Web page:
Julian Assange

Julian Assange's Freedom Came at a Steep Price

Assange's plea deal sets a threatening precedent for free speech and journalism.


At last, WikiLeaks founder Julian Assange is a free man. Why was he ever locked up in the first place?

Before the Justice Department dropped its request for Assange to be extradited to the U.S. to stand trial, he had to plead guilty to violating the Espionage Act. That cleared the way for Assange to walk out of the maximum-security prison in London where he was being held. But it also sets a legal precedent that threatens free speech and journalism worldwide. Assange isn't a spy. He's a publisher, guilty of embarrassing the U.S. government.

"Really anybody who is concerned about press freedom should be deeply concerned about the prosecution of Julian Assange," says Trevor Timm, co-founder of the Freedom of the Press Foundation. "Maybe [some] journalists don't like Julian Assange, or they have criticized one or many of his actions over the years. That's all well and good, but what really matters are the acts the Justice Department is trying to criminalize here."

WikiLeaks first grabbed public attention with the 2010 release of a video titled "Collateral Murder." It showed footage from a 2007 attack by soldiers in a U.S. Army Apache helicopter, who gunned down more than a dozen people in Baghdad who weren't engaged in active combat, including two Reuters reporters.

The video generated international press and controversy. Assange said his intention was to expose "the 'another day at the office' [attitude of the soldiers], how routine it was."

The release of the Iraq War logs that followed was the largest military leak in history, revealing that more than 15,000 civilian deaths hadn't been publicly reported. And it exposed that the U.S. military had ignored reports of torture, rape, and murder by Iraqi authorities and soldiers.

For years, Assange's critics have attacked him for supposedly meddling in the 2016 election by publishing internal Democratic National Committee emails. They've accused him of sexual assault in Sweden. And he's been vilified for hosting a show on Russian state television.

But none of that is why the Justice Department prosecuted him. They prosecuted him because he published the details of U.S. military misadventures in the Middle East for the world to see. And that's not a crime.

Timm says that a journalist like Bob Woodward, who's made a career publishing government secrets, would be endangered by such a precedent, pointing to Woodward's 2011 book Obama's Wars as an example. "[That book] is page after page of highly classified information…basically the most sensitive information that you could possibly imagine at a far higher classification level than anything WikiLeaks published."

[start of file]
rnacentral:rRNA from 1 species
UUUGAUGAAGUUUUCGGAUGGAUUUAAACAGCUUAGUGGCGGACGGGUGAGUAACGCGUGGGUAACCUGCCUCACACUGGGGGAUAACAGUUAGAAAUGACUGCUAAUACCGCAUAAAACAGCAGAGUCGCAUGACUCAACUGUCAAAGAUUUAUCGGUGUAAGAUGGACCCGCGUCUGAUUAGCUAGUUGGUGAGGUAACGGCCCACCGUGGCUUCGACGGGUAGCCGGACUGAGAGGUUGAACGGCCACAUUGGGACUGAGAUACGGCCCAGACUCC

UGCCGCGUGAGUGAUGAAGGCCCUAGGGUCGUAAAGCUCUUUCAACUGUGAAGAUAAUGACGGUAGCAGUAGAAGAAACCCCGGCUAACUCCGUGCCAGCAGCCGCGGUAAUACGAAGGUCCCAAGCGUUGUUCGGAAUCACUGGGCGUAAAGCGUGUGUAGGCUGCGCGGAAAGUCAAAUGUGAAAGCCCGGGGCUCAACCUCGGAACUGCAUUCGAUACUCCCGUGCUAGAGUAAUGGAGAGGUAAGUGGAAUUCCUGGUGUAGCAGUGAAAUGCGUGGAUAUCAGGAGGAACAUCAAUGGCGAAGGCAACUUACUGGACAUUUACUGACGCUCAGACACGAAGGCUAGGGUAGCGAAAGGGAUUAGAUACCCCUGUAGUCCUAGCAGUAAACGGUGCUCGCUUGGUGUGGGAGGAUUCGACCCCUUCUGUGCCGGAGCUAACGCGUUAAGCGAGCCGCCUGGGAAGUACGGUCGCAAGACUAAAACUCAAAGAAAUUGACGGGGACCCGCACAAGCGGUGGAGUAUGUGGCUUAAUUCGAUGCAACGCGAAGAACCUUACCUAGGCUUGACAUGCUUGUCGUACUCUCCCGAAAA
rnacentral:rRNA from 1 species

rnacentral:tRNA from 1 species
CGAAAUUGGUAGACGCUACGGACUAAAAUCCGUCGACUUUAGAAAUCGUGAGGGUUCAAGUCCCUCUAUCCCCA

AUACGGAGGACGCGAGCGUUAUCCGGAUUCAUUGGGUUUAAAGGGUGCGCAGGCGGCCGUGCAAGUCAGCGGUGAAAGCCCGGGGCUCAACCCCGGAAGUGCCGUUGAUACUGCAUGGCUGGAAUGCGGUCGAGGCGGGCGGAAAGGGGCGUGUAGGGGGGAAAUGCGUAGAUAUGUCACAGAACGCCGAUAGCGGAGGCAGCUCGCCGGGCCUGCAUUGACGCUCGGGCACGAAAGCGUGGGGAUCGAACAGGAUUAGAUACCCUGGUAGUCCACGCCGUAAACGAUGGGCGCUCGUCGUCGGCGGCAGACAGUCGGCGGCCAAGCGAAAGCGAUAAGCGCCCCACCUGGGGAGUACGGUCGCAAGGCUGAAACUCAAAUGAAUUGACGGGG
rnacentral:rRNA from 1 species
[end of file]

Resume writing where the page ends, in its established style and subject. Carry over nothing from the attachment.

Even the Watergate stories that Woodward published for The Washington Post with Carl Bernstein might be illegal if the Assange standard were applied, argues Timm, because Woodward and Bernstein sought out secret information from grand jurors during their reporting.

"Richard Nixon may never have had to resign," says Timm. "And [Woodward and Bernstein] quite possibly could have gone to jail."

Assange's confinement destroyed his mental and physical health. He was subjected to "psychological torture," according to the United Nations special rapporteur. That cruelty was the price of exposing information that the U.S. government wanted to keep secret. In 2018, Assange's doctors asked that he be hospitalized based on his deteriorating health, and officials denied that request.

"His physical state has obviously deteriorated over that time," Assange's wife Stella Assange told Reason in an interview late last year. "He spends a lot of time in his cell, but he is able to receive visits. So once or twice a week I can go and see him on weekends. I can bring the kids, and that obviously helps him a lot…And that obviously keeps him sane and helps us both feel like we're not so separated and apart."

Assange says his guiding principle has been to grant regular citizens access to the information powerful governments, corporations, and media gatekeepers wanted to keep hidden.

"Someone's right to speak and someone's right to know create a right to communicate," Assange told Democracy Now journalist Amy Goodman at the Frontline Club in July 2011. "That is the grounding structure for all that we treasure about civilized life."

That's Julian Assange's legacy. He showed how hard, even futile, it is to conceal highly sought information in the digital age.

One person, heading a tiny organization, exposed the secrets of the world's most powerful superstate. The American security state may have won an unsettling legal victory in exchange for Assange's freedom, but it's powerless to restrain the anarchic, cypherpunk future of digital information sharing that he unleashed.